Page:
Homework Or No Homework?

It seems a simple question. Yet, addressing it can clearly illustrate the difference between ideology and research. Answering this question adequately pushes the right approach to education reform. Where do we begin? The president of France recently announced his plan to ban homework. An article in the Wall Street Journal states:
François Hollande has a bold new plan to tackle social injustice and inequality in France: ban homework. Introducing his proposals for education reform last week at the Sorbonne, the French president declared that work "must be done in the [school] facility rather than in the home if we want to support the children and re-establish equality." 
The rest of the article did not have kind words to describe the above plan:
Here we begin to wonder: Are the French losing their mind? Fortunately not. More than two-thirds of the country would oppose the ban, according to an Ifop poll, so there's hope that even in the land of égalité there's some recognition that state power cannot equalize everything.
One can browse through the comments on this article as well as recent conservative blogs and the overwhelming harsh remark seems to imply that banning homework as a means to re-establish equality is tantamount to making all children equally dumb. Banning or limiting the amount of homework is not new. It has been suggested as a pedagogical reform even in some schools in the United States. It should be no surprise then that there is research that has been done to address the benefits and harms of homework in schools. The Center for Public Education has compiled results from research on this topic. The following are the general highlights:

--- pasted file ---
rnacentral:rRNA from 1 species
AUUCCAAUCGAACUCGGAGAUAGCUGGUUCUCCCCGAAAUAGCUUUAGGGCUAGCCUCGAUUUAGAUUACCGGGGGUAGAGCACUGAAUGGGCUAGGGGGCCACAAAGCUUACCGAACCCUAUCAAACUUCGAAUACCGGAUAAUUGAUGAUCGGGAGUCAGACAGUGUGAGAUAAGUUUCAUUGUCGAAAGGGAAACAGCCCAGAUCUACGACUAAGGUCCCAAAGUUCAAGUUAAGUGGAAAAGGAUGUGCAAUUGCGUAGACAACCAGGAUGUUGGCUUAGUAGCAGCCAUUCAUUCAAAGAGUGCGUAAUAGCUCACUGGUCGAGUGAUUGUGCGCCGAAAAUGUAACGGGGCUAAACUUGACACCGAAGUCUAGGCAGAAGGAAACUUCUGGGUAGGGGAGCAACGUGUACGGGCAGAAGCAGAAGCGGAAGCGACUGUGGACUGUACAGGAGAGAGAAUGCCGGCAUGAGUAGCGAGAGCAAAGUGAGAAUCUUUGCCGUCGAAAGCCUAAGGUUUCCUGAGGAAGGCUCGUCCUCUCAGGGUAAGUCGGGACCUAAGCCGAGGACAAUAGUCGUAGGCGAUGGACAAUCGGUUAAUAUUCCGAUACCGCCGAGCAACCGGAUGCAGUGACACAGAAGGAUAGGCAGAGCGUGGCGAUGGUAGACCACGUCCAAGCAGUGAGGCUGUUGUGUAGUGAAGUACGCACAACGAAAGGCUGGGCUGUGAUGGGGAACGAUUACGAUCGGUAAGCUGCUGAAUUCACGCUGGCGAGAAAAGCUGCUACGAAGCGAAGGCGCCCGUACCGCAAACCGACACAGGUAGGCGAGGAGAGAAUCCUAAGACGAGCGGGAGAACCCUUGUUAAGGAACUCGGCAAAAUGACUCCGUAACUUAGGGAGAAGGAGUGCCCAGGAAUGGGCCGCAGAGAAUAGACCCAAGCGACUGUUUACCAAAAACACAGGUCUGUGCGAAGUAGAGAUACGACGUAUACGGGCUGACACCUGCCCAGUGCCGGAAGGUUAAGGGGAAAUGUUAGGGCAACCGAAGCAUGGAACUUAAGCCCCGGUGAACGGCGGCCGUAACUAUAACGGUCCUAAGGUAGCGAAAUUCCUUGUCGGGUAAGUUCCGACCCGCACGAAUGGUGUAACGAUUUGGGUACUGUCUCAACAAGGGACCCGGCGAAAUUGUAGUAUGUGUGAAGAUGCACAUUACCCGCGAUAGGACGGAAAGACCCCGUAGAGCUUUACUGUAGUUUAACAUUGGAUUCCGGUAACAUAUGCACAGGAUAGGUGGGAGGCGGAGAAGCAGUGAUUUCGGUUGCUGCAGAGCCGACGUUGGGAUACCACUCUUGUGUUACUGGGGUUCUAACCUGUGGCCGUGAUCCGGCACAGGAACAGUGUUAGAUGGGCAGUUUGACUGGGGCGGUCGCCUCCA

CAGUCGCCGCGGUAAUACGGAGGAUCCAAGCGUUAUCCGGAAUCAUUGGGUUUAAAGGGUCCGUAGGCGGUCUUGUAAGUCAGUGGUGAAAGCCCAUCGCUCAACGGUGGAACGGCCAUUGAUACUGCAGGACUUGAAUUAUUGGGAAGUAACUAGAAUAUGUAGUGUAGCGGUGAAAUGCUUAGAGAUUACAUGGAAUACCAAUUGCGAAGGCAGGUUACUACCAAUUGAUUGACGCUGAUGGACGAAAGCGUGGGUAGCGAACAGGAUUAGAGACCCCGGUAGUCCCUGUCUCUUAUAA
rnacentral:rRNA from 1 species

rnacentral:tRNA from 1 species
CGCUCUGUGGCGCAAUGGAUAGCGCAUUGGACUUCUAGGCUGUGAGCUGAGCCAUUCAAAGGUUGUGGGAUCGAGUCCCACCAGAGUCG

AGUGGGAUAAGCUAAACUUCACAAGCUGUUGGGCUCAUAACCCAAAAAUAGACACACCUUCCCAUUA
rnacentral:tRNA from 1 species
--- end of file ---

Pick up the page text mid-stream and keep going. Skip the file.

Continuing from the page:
• The link between homework and student achievement is far from clear. 
  • Homework appears to have more positive effects for certain groups of students:
  • Homework may have nonacademic benefits. 
  • Too much homework may diminish its effectiveness. 
  • The amount of homework completed by students seems to be more positively associated with student achievement than the amount of homework assigned by teachers. 
  • After-school programs that provide homework assistance may improve student behavior, motivation, and work habits but not necessarily academic achievement. 
  • The effect of parent involvement in homework is unclear. 
  • There is little research on connections between specific kinds of homework and student achievement.